Paul Schattel

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Paul Schattel is an American film director and screenwriter based in North Carolina. Known for his two feature films, Sinkhole (2005) and Alison (2010), Schattel is currently in development with a horror film, The Mourning Portrait.

Sinkhole, a rural noir about an ex-high school teacher who becomes embroiled in a small town methamphetamine ring, won 'Best Narrative Feature' at the 2004 Indie Memphis Film Festival.


Critical reception to Sinkhole was mostly positive. Film Threat Magazine said that it was "... a welcome addition to that most agreeable and fascinating of genres: The paranoid thriller … Sinkhole gets under the skin in a big way."[1]

The LA Times called Sinkhole '... a highlight,' while Philip Martin of The Arkansas Democrat Gazette said “Sinkhole is a minor miracle of a film.”

The Arkansas Arts Council said “... Winner of Best Narrative Feature at the 2004 Indie Memphis Film Festival, Sinkhole is the first film to grapple with the personal devastation wrought by the methamphetamine trade. Filmmaker Paul Schattel presents the rural South as it is, not as Hollywood imagines it.”

The trade magazine Variety, however, was not so enthusiastic, saying “Sinkhole has the elements of a potentially nifty noir: evocative cinematography, a seedy criminal underworld and vivid, well-drawn lowlife characters. But utterly languorous pacing saps the film of its vitality; it's like a trip without a destination."[2]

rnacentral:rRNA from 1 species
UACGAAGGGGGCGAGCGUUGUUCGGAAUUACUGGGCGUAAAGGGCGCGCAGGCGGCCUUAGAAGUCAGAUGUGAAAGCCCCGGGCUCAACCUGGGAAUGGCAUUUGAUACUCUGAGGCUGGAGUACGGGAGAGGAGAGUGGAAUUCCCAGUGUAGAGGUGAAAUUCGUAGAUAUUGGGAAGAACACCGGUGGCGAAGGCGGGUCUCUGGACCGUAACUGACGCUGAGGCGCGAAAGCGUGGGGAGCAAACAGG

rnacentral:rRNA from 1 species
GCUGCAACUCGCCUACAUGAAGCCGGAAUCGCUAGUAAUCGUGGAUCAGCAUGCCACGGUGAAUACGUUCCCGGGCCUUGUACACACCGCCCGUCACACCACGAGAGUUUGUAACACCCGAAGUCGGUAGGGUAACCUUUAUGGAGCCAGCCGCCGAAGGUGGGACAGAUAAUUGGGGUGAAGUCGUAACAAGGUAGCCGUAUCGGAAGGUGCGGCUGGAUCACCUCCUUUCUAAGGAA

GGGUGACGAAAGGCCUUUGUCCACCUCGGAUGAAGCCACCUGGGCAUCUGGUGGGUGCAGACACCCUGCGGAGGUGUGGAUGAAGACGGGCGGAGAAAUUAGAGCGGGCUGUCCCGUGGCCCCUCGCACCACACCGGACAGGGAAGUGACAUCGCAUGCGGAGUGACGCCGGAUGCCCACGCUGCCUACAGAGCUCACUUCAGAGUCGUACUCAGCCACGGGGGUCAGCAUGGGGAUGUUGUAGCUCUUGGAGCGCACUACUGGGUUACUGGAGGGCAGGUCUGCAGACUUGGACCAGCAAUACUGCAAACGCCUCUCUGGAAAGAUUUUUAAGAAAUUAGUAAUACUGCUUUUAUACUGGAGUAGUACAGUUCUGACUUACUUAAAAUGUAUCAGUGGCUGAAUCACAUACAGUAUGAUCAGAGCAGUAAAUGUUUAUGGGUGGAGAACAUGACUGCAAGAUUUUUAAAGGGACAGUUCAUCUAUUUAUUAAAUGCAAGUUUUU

In 2005, Sinkhole was picked up for international distribution by Morris Ruskin's Shoreline Entertainment.

Schattel's next film, Alison, about a pregnant woman who leaves her husband, is a minimalist, almost experimental film, in which the actors often use improvisational techniques. Schattel reportedly claimed the movie's long single takes, verbal mistakes and elementary framing were suggested by the European filmmakers Chantal Akerman and Bela Tarr.

In 2010, Alison won the Best Director, Best Screenplay, Best Actress and Best Narrative Feature awards at the Los Angeles International Film Festival. The Mountain Xpress alternative weekly called it '"... a thoughtful and darkly compelling portrait of a woman in crisis — beautifully photographed, bravely acted, and told with a raw, unerring honesty."

Schattel recently directed the short film Men of Persuasion.


  1. ^ Sinkhole Film Threat Magazine Review:
  2. ^ Sinkhole Variety Review:

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